Save the Children charity office raided by Nauru police

Nauru police removes phones, laptops from Save the Children office staff seeking journalist’s sources exposure

Photo by: AP
Photo by: AP

Asylum seekers moved to Nauru island talk to journalists about their journey

Nauru police have raided a Save the Children office on Saturday confiscating laptops and phones by detention staff  to reveal journalist sources in the centre.

“Save the Children staff have a history of behaving with great integrity, compassion and professionalism in their work on Nauru supporting vulnerable children and families and we fully expect this to apply to all aspects of our service delivery, including obligations to maintain confidentiality,” a Save the Children spokesperson said.

“We have no reason to believe that our staff have acted inappropriately, but we are of course assisting the Nauru police force with its inquiries. As always, our priority remains working to mitigate the harmful impacts of offshore immigration detention, to the extent that the circumstances allow.”

The cause of the raid is still not clear, but it raises concerns about freedom of speech in the detention centre and the right to report Nauru’s conditions that asylum seekers are given.

While the raid investigation continues, Nauru’s safety conditions raise concerns.

Asylum seekers are generally refused asylum in Australia and they are sent to Nauru or Manus island in New Guinea, until their applications are reviewed.

However, as The Guardian reports, the conditions in the camps are harsh and have caused criticism by human right groups.

According to the latest reports, the centres are allegedly harsh and inappropriate especially for women and children.

A 23-year old woman claims she had been raped in Nauru island while she was outside the camp. However, she was denied access to Australia for medical treatment and assistance, even though she was pregnant.

The Somali woman expressed her will not to carry out her pregnancy, something that Nauru refuses to do.

After denying the woman’s transfer, the government had issued a visa to move the woman.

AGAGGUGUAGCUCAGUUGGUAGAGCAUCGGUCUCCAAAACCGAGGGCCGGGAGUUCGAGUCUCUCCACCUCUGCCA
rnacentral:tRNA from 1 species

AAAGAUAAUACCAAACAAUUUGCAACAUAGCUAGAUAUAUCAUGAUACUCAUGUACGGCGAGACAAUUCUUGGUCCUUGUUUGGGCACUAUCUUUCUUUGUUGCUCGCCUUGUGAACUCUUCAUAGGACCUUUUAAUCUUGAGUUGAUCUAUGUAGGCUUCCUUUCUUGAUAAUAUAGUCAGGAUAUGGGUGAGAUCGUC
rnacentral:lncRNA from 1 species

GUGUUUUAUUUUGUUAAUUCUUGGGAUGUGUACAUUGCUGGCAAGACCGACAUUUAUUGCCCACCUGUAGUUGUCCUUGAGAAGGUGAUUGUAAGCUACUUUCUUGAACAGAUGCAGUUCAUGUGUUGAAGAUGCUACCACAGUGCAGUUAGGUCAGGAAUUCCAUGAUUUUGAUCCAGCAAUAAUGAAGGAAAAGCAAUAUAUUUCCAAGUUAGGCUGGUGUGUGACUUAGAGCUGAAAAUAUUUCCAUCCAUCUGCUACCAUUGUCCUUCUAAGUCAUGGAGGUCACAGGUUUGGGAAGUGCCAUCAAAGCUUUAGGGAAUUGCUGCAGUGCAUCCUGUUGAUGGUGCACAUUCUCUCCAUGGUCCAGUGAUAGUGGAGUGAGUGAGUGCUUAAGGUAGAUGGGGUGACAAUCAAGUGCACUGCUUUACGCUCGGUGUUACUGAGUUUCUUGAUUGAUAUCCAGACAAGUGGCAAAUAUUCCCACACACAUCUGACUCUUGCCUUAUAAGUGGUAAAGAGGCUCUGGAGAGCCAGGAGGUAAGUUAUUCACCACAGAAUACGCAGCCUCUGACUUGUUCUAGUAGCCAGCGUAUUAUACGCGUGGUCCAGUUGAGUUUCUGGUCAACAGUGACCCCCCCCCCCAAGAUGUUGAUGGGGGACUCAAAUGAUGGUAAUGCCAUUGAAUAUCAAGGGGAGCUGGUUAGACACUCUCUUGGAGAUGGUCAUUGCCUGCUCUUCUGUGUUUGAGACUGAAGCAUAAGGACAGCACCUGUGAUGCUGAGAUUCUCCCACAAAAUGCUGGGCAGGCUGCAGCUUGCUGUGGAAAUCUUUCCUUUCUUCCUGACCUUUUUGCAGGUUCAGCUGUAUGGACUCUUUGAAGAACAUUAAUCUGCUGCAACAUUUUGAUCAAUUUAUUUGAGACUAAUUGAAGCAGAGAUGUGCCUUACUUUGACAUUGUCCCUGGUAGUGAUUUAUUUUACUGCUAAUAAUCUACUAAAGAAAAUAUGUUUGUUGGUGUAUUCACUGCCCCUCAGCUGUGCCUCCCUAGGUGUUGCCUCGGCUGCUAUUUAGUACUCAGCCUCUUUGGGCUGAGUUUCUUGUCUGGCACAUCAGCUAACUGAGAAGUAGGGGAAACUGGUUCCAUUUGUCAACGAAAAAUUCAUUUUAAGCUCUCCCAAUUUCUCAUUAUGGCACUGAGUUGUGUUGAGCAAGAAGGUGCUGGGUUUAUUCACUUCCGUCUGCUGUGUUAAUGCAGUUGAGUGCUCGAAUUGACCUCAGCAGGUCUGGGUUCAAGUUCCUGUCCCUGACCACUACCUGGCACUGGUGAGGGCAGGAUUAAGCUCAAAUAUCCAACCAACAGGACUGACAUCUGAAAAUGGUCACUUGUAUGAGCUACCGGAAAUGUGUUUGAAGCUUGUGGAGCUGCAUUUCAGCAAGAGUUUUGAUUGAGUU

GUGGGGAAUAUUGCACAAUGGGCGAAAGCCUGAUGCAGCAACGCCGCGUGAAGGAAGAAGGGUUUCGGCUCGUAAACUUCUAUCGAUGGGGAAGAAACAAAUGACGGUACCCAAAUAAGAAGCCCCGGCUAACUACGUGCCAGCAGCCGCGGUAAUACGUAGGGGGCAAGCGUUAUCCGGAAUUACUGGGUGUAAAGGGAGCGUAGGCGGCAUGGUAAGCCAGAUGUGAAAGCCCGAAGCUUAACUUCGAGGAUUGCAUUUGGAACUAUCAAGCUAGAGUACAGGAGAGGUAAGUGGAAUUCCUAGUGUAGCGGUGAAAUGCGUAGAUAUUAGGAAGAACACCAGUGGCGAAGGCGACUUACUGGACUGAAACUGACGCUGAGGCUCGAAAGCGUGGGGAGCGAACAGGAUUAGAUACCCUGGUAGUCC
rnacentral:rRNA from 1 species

“It’s a welcome move that she has been allowed to come, but it shouldn’t have taken this level of intense advocacy to get that to happen,” Melbourne's executive director of the Human Rights Law Center Hugh de Kretser said.

Australian Prime Minister Malcolm Turnbull commented on the incident on an ABC Radio interview stating that the camps will become safer for women and children.

On the contrary, the PM said that sending the boats back from Australia and keeping people on the islands are saving refugee’s lives as fewer drowning incidents take place at sea.

Thus, Ian Rintoul, a spokesman for the Refugee Action Coalition in Sydney said that the rape case investigation is not proceeding as the evidence supporting the case were not adequate.

“The woman is not O.K.,” Rintoul said. “It is an extremely disgraceful situation, made worse by the fact the Australian government was so unwilling to transfer someone who so desperately needed medical help, not just for the pregnancy but after being raped.”

The detention situation also fired reactions from the Royal Children’s Hospital doctors who said that at least children should be released as the environment is not healthy for them.

“Detention centres are not safe for children,” the doctors said posting on the hospital website’s blog. “Children are exposed to the distress, violence and mental health problems of adults, and parents cannot protect their children from these circumstances,” they added.

The Human Rights Law Centre layers support over how inappropriate the islands are for women as well.

“There is clear pattern of violence against refugee women on Nauru,” said Daniel Webb, a lawyer from the Human Rights Law Centre. “Many of these attacks are happening outside the centre in the Nauruan community. These women came to Australia seeking safety but continue to be left exposed to real danger.”

TRTWorld and agencies